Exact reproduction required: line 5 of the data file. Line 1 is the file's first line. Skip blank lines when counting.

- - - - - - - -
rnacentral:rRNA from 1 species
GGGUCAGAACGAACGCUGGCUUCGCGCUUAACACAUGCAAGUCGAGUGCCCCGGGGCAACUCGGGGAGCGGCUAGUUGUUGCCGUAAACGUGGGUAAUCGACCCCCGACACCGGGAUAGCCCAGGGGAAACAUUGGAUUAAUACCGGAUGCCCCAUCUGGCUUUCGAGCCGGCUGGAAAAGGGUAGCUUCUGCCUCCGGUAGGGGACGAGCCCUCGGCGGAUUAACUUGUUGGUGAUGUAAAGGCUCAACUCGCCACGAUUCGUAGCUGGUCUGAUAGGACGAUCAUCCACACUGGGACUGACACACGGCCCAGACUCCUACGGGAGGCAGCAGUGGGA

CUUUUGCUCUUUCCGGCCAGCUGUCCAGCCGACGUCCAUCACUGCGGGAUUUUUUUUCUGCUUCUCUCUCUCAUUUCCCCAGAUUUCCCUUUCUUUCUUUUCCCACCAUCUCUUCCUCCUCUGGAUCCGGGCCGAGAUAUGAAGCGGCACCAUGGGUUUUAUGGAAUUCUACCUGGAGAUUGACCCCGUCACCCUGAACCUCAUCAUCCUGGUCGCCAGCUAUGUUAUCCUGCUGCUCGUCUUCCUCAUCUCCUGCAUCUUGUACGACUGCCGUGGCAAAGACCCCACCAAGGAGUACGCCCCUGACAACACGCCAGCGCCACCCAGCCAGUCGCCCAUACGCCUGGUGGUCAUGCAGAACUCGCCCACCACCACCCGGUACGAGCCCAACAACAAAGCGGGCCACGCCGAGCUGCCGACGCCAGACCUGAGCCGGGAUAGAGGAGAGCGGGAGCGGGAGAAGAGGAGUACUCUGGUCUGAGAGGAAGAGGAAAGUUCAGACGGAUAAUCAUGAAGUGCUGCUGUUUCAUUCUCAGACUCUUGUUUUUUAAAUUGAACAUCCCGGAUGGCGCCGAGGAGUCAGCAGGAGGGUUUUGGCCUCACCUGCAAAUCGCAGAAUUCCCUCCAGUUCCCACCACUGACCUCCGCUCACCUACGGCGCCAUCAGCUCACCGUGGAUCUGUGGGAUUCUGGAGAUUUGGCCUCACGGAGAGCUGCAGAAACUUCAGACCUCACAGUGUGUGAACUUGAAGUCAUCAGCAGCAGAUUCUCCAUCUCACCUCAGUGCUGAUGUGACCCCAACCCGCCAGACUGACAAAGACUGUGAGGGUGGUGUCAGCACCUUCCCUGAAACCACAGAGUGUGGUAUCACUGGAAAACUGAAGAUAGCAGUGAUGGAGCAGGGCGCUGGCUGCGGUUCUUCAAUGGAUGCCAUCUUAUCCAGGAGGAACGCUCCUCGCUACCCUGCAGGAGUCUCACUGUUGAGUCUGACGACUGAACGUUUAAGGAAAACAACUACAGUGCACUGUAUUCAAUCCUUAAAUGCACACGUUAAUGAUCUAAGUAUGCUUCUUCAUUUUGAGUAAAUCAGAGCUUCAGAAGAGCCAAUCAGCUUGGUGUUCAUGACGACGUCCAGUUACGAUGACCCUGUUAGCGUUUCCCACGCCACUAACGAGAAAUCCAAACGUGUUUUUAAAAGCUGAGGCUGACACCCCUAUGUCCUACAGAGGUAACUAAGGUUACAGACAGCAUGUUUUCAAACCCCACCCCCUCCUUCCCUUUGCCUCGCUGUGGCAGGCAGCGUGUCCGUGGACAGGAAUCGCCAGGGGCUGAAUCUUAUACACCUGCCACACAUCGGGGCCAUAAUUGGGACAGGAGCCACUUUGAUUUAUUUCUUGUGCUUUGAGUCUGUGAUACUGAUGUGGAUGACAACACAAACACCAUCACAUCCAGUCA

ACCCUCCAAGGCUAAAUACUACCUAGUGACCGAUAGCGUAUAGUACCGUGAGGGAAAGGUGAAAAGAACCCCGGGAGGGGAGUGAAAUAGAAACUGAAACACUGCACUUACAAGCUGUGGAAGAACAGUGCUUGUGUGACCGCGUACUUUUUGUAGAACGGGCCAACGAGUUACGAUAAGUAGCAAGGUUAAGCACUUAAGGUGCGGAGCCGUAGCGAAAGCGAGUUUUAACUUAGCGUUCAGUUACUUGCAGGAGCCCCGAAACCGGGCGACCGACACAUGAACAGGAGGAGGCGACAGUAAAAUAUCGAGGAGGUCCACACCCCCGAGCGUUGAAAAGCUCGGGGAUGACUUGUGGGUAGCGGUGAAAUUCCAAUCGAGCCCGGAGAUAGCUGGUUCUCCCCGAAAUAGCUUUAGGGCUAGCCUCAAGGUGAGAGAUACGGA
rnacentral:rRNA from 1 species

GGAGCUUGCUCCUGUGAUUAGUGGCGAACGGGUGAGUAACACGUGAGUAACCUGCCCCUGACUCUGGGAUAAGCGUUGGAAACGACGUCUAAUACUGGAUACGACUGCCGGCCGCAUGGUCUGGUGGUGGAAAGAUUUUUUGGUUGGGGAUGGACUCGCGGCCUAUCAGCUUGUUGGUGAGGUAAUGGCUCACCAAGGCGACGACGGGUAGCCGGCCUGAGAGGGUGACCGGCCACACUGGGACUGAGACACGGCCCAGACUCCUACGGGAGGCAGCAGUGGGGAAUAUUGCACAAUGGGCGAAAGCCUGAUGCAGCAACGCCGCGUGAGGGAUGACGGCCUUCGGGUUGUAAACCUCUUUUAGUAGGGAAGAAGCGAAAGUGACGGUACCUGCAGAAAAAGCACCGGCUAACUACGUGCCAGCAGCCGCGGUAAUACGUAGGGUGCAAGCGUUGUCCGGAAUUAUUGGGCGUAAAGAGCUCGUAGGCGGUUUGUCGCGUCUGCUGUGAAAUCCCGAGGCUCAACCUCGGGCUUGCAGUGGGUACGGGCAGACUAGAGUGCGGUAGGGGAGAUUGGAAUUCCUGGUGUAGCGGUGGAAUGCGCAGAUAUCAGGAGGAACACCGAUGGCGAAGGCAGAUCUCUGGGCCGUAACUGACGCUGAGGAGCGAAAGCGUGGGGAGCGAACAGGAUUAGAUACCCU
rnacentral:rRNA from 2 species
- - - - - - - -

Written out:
rnacentral:rRNA from 1 species